Richard Write: A Southern Writer Essay

551 Words3 Pages
“The creation of life is infinitely greater than the destruction of it. Ending a life only cuts it off in time. The creation of life determines its trajectory for all eternity. The moment of creation is the point where heredity and environment intersect.” (Kierkegaard) Self is one’s nature in conjunction with nurture, the amalgamation of the autonomous imagination and one’s surroundings. Black Boy chronicles Richard Wright’s journey and maturation from a boy to a man. Born to an absentee father and less than affectionate mother, Wright navigates his way through the Jim Crow South, a place where society is designed to marginalize the black people who reside in it. Although his environment contributes significantly, Richard’s innate nature…show more content…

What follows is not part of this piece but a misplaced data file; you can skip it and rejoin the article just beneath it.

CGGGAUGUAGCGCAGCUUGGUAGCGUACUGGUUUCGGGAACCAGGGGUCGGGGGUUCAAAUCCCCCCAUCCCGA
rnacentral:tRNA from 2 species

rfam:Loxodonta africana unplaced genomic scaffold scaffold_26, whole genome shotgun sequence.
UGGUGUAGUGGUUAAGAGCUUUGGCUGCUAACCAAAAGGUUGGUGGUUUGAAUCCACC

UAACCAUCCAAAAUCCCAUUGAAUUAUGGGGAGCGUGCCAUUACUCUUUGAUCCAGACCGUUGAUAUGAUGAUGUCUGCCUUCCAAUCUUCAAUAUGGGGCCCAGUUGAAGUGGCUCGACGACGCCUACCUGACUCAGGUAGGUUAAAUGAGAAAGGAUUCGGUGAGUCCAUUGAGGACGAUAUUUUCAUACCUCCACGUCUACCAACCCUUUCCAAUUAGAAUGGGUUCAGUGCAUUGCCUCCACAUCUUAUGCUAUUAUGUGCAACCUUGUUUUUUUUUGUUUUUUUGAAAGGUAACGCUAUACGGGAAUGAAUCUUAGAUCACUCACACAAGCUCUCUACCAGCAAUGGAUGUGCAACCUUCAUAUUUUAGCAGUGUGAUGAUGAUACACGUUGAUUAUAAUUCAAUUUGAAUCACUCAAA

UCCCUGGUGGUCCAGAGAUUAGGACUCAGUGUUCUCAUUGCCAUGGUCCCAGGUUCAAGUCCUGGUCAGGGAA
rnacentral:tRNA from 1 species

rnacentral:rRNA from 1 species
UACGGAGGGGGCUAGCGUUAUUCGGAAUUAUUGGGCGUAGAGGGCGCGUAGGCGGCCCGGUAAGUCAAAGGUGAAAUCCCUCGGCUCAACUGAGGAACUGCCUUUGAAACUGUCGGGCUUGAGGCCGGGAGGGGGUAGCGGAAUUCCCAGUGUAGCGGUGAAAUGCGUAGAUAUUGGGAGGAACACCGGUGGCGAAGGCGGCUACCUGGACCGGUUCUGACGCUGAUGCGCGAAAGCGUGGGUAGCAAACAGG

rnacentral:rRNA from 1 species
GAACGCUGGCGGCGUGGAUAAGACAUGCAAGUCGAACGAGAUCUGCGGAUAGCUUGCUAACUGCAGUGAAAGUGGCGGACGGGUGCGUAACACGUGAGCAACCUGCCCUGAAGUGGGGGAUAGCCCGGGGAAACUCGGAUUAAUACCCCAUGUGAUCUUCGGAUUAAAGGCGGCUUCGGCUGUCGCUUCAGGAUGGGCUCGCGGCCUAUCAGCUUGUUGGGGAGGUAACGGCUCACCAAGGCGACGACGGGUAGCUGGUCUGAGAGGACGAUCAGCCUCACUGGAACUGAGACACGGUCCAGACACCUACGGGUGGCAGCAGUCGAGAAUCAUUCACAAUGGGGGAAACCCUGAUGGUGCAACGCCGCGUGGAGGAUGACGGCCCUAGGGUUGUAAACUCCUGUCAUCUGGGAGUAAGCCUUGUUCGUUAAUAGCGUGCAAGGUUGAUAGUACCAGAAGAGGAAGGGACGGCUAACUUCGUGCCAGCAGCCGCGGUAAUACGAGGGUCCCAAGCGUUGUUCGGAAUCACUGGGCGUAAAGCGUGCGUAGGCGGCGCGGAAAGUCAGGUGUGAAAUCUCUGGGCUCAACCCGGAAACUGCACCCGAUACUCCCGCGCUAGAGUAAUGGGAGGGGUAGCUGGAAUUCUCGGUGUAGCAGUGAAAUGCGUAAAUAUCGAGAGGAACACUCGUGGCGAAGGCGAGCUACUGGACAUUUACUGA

When Richard moves to Chicago, it is clearly seen how living in the South has affected him. He recalls, “I looked about to see if there were signs saying: FOR WHITE-FOR COLORED” (Wright 262). When he works for the Jewish couple, he feels the need to lie to them because “[he] had met so many white faces that would have violently disapproved of …taking the examination that [he] could not have risked telling Mr. Hoffman the truth” (Wright 269). The he has always seen blacks and whites interact with each other has influenced his thinking and perception of the world around him. Richard assumes he will be treated the same because in his experience all whites were the same. However, Richard’s introspective and inquisitive nature allows him to process his new environment and the feelings that derive from it. Reflecting on the sense of anxiety and uncertainty Richard feels when arriving in the North, he is able to understand blacks, like Shorty, who lower their standards and submit to the white people in the South. While reflecting on his current position in society, Richard is able to come to the conclusion that he does not desire to write fantasy stories or mystery novellas, but describes his longing to write as a “hunger for insight into my own life and the lives about me” (Wright 282). He wants to use his “fiercely indrawn nature” to the advantage of his
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